In the morning the air is finally cleared of the faint smell of smoke. While we played cards and sipped cold bottles of Chang last night, we had watched the neighbouring climbs glow red. Locals are trying to clear space to farm…but they’re destabilizing the slopes and slowly encroaching on this safe space. There is even a trekking outfit that has chained animals within hundreds of meters of the ENP property line…and it puts the amazing work of this centre is doing in really clear contrast. It makes the importance of the work all that much clearer.

The morning was set aside for feeding and a walk. Our new guide – Sunshine – leads us through a wonderful day.

We start by pulling steamed pumpkin out of a basket and feed it to one of the oldest elephants. She’s lost her teeth and now relies on the steaming and peeled watermelons to keep her going. (There’s an amazing army of volunteers and staff who keep the enclosures clean and spend hours prepping and individualizing food for each of the animals.)

Then, on to a walk, where we meet a rambunctious one and a half year old boy. He wants to play, but we’re warned he doesn’t know his own strength yet. So we keep our distance but enjoy watching him splash in the water of a hose and try to break into a sack full of corn.

We visit Jokia and Mae Perm as they enjoy a corner of their own – as always, inseparable.

The water buffalo get herded away by the dogs who have joined our walk. And we get to see the two enclosures they’re building to help reduce the human contact a few of the elephants have…as they have hopes of  they might be able to prep some of the younger ones for release back into the wild.

Then comes the moment. The one I don’t want to ever forget the feeling of.

We’ve come across a new herd. And I stand back and off to the side a bit to try and take a few photos. Through my lens, I notice one of them approaching – lumbering in a way that only something that large can do. I drop the camera down and try and stand still, remembering the warning to not insult them by turning away or retreating. I certainly don’t want to be the source of an elephant’s sadness.Elephant love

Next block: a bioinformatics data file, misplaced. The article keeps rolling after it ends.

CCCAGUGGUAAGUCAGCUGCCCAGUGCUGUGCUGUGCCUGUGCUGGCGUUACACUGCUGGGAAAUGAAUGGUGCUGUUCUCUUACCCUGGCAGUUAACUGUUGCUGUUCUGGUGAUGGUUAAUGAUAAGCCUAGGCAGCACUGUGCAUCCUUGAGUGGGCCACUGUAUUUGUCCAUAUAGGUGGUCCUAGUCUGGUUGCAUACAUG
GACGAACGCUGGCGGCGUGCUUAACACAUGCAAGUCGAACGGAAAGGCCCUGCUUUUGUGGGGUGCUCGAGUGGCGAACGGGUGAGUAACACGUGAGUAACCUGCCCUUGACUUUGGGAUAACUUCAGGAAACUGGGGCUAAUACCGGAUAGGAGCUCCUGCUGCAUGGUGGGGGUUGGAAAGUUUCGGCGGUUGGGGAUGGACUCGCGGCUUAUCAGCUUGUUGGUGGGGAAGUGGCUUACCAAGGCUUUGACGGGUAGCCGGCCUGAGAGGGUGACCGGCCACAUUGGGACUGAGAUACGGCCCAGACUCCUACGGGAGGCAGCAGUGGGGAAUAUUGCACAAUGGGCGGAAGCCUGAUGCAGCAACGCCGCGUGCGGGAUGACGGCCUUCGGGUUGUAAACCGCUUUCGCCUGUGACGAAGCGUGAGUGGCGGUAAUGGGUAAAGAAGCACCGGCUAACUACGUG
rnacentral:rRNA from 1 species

Suddenly I am within a foot of this huge, beautiful giant. She has stopped short and seems to invite me to reach out. So I pet the sensitive spot behind her ears and rub her trunk, just watching her as I’m amazed. And as that happens, she lowered her head a little and closes the distance of that last foot…nuzzling her powerful head into my body and flapping her ears in a moment of greeting and comfort. I can feel the weight and force of her huge body. But she never pushes me off balance: she seems aware of the power of the contact and our relationship in that moment. It feels like a tender moment of friendship. And her flapping ears seem to reflect the joy she has given me.



My heart has been broken and re-built eighteen times over here. And I think that might be pretty normal. I have learned so much about these gorgeous creatures – about the abuses they’ve faced and the strength that’s let them heal. I’ve been blown away by the stories of the one woman who has created this sacred and beautiful space. I’m touched by the personal generosity and hard work that makes these efforts possible.

We paid a bit more to go to this centre than others around here. We never rode an elephant (like some offer to do). But after all I’ve learned and experienced here, I’m so immensely glad to have had this be part of our experience away. I just wouldn’t want to do it another way.

So, to anybody travelling to Chiang Mai, Thailand, I can’t recommend enough going here as part of your trip. Whether it’s for a day trip, the overnight we did, or volunteering for a week (as we saw many doing), your soul will feel better for it.


Contact info for the centre: 
The Elephant Nature Park

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Contrasts of Saigon

It is impossible to photograph the feeling of chaos that first hits you in Saigon (not that I didn’t try). Still frames seem to suggest spaces and paths that don’t exist in the reality of life…in that moment of standing on a curb and wondering when the best time might be to take the leap of faith and just take the first step into the throng of cars, motorbikes and bicycles.